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Prevailing Wage for Transportation Projects Should End, Some Republicans Say

Prevailing wage laws drive up the cost of public projects, but unions favor them because they provide higher pay for workers.

By Eric Boehm | PA Independent

HARRISBURG – If the state is going to spend $1.8 billion on new roads and bridges, it should get the most bang for those big bucks.

That’s the argument some conservative Republicans in the state House are making with regard to Gov. Tom Corbett’s proposed transportation funding initiative.  They say they want to make changes to the state’s prevailing wage law to be included in the transportation funding package that the General Assembly is expected to work on during the spring.

Pennsylvania’s prevailing-wage law sets standard wages and benefits for all government-funded construction projects that cost more than $25,000.

The wages are determined on a county-by-county basis and vary widely across the state, but they generally result in wages at least 10 percent higher than on non-prevailing wage projects in the same area, according to data from local government groups.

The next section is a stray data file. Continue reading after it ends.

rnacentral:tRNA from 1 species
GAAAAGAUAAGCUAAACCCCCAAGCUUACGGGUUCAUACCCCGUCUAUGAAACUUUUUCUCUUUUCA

Because the prevailing wage requires a premium that can drive up the cost of public projects, changes to the law should be considered to ensure taxpayers are getting as much as possible out of the new transportation funding plan, state Rep. Gordon Denlinger, R-Lancaster, said.

“If state government moves forward with a plan to fix roads and bridges through taxing more at the pump, we must work the spending side through enacting long-overdue reforms to the prevailing wage system,” Denlinger said.

Denlinger is the prime sponsor of legislation in the state House that would do away with the prevailing wage entirely. He said Friday that he will push for the inclusion of prevailing wage reforms in final transportation plan as well.